After the death of George Floyd in May 2020, Snell Family Farm in Buxton began choosing a particular crop each week to raise funds for social justice causes. Proceeds from poppies went to bail funds for protesters; sales of millet bundles supported showers for unhoused people in Portland. “The relationship we build with customers and clients is very intimate—some we see twice a week. That’s a pretty powerful relationship,” says Carolyn Snell, who leads the flower program at the farm her great-grandfather bought in 1926 (it, too, was once Pequawket land). “To some extent, it can be a powerful platform to bend the arc towards good or justice. I want to push against the idea that flowers should be a respite from other parts of our world and selves. Instead, they can be a way we can share our humanity with other people and start conversations that need to be had.” She says that many businesspeople have tended to keep their personal beliefs out of the public eye, but after the social uprisings of the past year, “a lot of people decided to tear down that barrier.”
Snell sees flowers as opportunities for connecting—with social reality, with our fellow humans, and with local beauty and natural rhythms. “When I see floral design by people who have access to global flowers, all the seasons at the same time, it can be jarring to me,” she says. It’s fall when we are speaking, and Snell is working on arrangements of dried flowers—“a new old trend,” she says, making its way back after the globalization of the flower industry in the 1990s, when people “wanted a fresh bunch from the grocery store every day instead of dried.” Dried flowers give those of us in wintry climes “a way to pause seasonality” without ignoring it altogether, and a way of appreciating the subtle beauty that appears when the world turns brown and gray. “A lot of floristry is about noticing,” she says, telling me to keep an eye out for the way bracken ferns shine with a metallic coppery sheen after the frost. For her, seasonality is itself precious: “It feels special to enjoy a thing at its peak when it’s available, to know you’re not going to hold a bunch of lilacs again for a whole year. It makes the moments really special.”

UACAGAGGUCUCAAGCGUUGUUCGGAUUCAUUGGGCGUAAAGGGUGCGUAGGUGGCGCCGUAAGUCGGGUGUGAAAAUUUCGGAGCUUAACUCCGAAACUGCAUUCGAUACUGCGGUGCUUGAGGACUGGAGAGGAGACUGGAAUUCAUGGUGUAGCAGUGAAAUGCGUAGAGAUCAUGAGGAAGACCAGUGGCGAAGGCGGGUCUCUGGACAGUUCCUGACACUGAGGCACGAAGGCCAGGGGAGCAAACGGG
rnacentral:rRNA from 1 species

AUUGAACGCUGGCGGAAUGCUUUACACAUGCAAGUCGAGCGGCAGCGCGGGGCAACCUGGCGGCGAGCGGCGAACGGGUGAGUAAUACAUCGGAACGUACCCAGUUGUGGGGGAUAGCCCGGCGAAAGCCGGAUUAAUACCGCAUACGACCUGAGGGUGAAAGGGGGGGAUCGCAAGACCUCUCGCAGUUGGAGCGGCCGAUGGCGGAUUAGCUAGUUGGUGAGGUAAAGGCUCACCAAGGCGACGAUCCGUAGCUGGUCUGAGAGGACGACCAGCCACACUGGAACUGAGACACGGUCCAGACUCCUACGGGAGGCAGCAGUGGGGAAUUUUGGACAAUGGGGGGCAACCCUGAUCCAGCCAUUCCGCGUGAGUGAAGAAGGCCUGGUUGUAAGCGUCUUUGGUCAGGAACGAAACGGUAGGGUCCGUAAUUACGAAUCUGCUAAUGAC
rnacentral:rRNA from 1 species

This recalls something Brenner told me about what her clients gain from choosing weddings without roses, bouquets that can’t be pre-designed via Pinterest. “We want someone to have a little wearable, or hold something in their hand, that a year later, when they’re in a friend’s garden in Maine, it takes them right back to that special day when they shared their commitment to each other,” she says. Funerals are sometimes followed years later by notes that describe a feeling of connection with the lost loved one when the same flowers are in bloom. “How does it stay in your memory, how do you make it part of the cycle of the season? We want it to be bigger than just flowers,” Brenner says. “Flowers need to be the medium toward a larger purpose.”